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As an unprecedented number of sexual harassment allegations engulfs the creative sectors, a special debate hosted by the Edinburgh International TV Festival and ITN will seek to shine a light on bullying and harassment within British television, and will explore the different ways the industry can tackle this growing issue.

Investigating the shocking extent of the problem, 5 News reporter Tessa Chapman was surprised to find her own buried memory resurfacing:

'I’ll be truthful: I underestimated this subject.

When my editor suggested a series of reports to raise awareness of sexual harassment, I thought it would make an interesting talking point. I didn’t anticipate the response.

Using the hashtag #thatsharassment we launched our campaign, in which three women talked about their own experiences. Brenda recounted the time her married boss cornered her and tried to kiss her. Jane described how it feels to be catcalled on the street on a daily basis. Kate was recently groped at a bar by an acquaintance she hadn’t seen for decades.

I filmed with a group of 15 year olds at a secondary school. One explained, in a matter-of-fact manner, how a classmate would grab her breasts. Another told me how boys she knew would post nude photos of girls online to humiliate them.

When we asked viewers to contact us, they didn’t hold back. They had been followed in the street, touched on public transport, intimidated in the workplace and abused on dating apps.

Everyone seemed to have something to add. My hairdresser was horrified to see a man staring at her while he pleasured himself at a bus stop. My mum texted to tell me that an elderly gentleman had whispered to her in the supermarker that he’d like to “slap her bum”. A male friend said his boss had once implied that flirting with her could help his career.

Apart from being on the receiving end of harassment, what did all these people have in common?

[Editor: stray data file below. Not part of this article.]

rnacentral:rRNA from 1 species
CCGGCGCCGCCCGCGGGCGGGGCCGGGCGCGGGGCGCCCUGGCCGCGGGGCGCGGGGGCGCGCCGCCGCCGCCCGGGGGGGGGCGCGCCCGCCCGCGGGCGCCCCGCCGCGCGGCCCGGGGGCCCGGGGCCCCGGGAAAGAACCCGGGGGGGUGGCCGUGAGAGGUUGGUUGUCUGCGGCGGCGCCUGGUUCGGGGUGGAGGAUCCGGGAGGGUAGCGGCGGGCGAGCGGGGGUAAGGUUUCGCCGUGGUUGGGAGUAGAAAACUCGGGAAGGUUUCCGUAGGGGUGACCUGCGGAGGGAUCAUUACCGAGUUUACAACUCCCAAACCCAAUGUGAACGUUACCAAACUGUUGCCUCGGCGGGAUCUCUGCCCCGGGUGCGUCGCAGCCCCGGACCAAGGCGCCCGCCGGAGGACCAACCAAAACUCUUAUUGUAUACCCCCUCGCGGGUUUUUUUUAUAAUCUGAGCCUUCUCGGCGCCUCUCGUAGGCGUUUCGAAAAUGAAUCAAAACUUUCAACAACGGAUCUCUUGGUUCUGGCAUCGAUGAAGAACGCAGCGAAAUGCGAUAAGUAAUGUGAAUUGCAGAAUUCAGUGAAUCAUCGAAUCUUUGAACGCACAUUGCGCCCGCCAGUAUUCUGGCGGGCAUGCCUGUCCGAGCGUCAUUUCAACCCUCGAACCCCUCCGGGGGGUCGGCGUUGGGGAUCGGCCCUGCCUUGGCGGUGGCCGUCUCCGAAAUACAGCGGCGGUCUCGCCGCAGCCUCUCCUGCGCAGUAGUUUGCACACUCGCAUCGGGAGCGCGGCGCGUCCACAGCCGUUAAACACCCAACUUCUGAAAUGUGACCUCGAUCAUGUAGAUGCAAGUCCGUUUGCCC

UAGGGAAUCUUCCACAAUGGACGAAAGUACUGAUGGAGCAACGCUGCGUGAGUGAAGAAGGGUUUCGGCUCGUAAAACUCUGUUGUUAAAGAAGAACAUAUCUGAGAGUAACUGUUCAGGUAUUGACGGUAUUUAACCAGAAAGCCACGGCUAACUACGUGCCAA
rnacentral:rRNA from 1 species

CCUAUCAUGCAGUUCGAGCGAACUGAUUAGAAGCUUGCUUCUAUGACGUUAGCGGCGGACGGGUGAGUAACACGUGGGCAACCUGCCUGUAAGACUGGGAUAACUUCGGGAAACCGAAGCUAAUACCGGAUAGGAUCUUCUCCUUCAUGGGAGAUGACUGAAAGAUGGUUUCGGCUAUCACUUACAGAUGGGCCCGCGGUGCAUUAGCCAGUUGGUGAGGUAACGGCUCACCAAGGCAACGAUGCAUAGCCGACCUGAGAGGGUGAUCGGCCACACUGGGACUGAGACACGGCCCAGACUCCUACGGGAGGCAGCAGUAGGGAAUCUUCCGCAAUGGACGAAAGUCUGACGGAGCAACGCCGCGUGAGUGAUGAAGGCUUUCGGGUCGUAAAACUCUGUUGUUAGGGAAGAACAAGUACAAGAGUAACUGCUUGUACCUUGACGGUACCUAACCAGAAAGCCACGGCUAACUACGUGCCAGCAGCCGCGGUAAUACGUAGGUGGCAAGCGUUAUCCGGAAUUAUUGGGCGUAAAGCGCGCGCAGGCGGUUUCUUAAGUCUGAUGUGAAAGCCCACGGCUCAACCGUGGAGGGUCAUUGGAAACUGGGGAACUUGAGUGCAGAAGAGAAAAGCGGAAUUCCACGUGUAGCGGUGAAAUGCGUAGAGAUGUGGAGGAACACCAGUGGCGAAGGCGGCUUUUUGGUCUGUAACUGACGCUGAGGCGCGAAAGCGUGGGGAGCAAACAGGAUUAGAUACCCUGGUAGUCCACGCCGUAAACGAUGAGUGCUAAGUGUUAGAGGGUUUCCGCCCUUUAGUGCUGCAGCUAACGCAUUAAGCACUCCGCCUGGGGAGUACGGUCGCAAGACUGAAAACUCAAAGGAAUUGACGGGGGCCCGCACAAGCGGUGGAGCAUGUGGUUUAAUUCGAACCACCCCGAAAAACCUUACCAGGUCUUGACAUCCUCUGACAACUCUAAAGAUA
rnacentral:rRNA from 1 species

They didn’t report it to anyone. Some didn’t know exactly what to say, or to whom. Most just didn’t think it was worth speaking out.

The main, sad conclusion I’ve drawn from my filming so far is that, in many spheres of live, sexual harassment has been normalised. I’m a case in point. I thought it hadn’t happened to me, until I delved a little deeper into my memory and recalled an incident at work.

When I was a new reporter, an eyewitness to a gas explosion asked if I’d like to see some photographs of the fire. He went on to show me explicit images on his camera. I wonder why he thought that was acceptable? Probably because he thought he could get away with it; and he did, because I laughed uncomfortably and made my excuses to walk away. I hadn’t wanted to cause a scene. He wouldn’t get away so lightly now. With age and experience on my side, I’d shout about it.

The good news is that sexual harassment is in the spotlight. Allegations against powerful figures like Harvey Weinstein do give people more confidence to speak out. And organisations are encouraging us to talk.

I filmed with the British Transport Police who have an excellent initiative called Report It to Stop It. Just this week, I went to a workshop for staff at Imperial College, which has hired a communications expert to give workers an ‘interventions toolkit’. They listened intently as he taught them strategies for dealing with any behaviour that makes them feel uncomfortable.

We need to focus on two things to break the cycle of sexual harassment; educating people, and empowering them. Until we do, I fear we’ll hear more and more stories that shock but don’t surprise.'

Tessa Chapman is chief correspondent of 5 News

The Edinburgh International Television Festival along with ITN and supported by 5 News will be hosting a debate on Friday 8th December in London which will seek to shine a light on bullying and harassment within British television, and will explore the different ways the industry can tackle this growing issue.

TV: A Culture of Abuse?  Friday 8 December, 09.30 -11.30am at Soho Theatre

You can book tickets here: https://goo.gl/Aa7bPG

 

 

 

The Festival are also conducting an anonymous survey to help understand the prevalence of the issue and how we can tackle it. The survey closes on Thursday 30th November.
Survey Link: https://goo.gl/Bs74D9

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